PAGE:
1) Set an energy efficiency target based on advice from the CCC with interim milestones.

This could be based on the MEES system or a new grading system, but will need to show how we get from where we are now to net zero carbon housing by 2030 ideally, or by 2050 at the latest. Whatever is needed to meet our 4th and 5th carbon budgets and our commitments under the Paris Agreement.

2) Offer incentives and subsidies to encourage people to improve insulation in existing buildings over the next 10-15 years

This should allow us to make steady progress towards the above target. It needs to be like the Green Deal, but a whole lot better. If take up is poor, the offering isn’t good enough. It will need to be reviewed annually and ratcheted up as time goes on if necessary.

3) Outline the Minimum Energy Efficiency Standards (MEES) requirements for all buildings to be sold or let.

Minimum ratings should be tightened every few years with full transparency through to 2030, in line with above targets. The ultimate goal should be that all existing buildings reach the highest standard (net zero carbon status) by the necessary date.

4) Promote alternative fuel sources for domestic heating.

This needs to be done in a way that makes alternatives a more economic choice for the public when choosing new appliances and heating systems from April 2017.

There are millions of boilers already installed and gas central heating boilers are still the preferred choice for most people when buying new or replacement boilers in the UK, and many are likely to last for 30 years or more. That means that a boiler installed today could still be in working order as we approach mid-century.

There is an urgent need therefore to find alternative heating sources otherwise emissions from this sector will be locked in for decades to come. The government need to conduct an urgent independent review of all available technologies and then financially support the best option via government subsidies.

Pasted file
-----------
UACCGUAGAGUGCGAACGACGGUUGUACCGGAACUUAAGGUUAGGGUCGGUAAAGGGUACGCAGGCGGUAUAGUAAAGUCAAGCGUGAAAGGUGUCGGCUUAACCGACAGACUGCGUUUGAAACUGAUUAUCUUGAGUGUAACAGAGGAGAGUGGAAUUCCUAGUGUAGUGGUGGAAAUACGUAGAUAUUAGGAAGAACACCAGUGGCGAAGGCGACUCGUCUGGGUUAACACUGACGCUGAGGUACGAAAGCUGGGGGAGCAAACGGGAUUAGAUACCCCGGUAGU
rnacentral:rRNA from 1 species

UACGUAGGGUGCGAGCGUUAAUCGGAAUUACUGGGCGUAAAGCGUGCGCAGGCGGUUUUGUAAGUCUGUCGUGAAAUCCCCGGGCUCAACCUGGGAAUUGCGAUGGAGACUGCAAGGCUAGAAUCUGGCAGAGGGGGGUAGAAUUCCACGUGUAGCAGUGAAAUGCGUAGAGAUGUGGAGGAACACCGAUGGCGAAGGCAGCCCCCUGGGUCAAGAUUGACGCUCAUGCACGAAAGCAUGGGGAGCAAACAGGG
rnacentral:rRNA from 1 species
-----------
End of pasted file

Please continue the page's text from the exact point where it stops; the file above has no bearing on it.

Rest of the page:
5) Reinstate the Zero Carbon Homes policy.

All new homes should be zero carbon by 2020. A 3-year lead in time should be sufficient to allow industry to adjust given how close we came in 2015.

6) Gas cooking appliances to be largely phased out by 2025.

This can be achieved by banning the sale of any new gas cooking appliances from 2020 and by putting into law that by 2025 all gas cooking appliances must be replaced with electric ovens and hobs before properties can be sold or let.

7) Ban the sale of new gas boilers from 2025.

It will take time for new technologies to bed down, but it is necessary to put a marker down now and set a clear direction of travel for both industry and the buying public. Whilst a ban may seem an extreme measure, it will drive innovation and competition in the new markets created, which will in turn drive down costs, so that subsidies can be gradually phased out.

8) By 2030, all gas heating appliances must be replaced with alternative heating appliances before properties can be sold or let.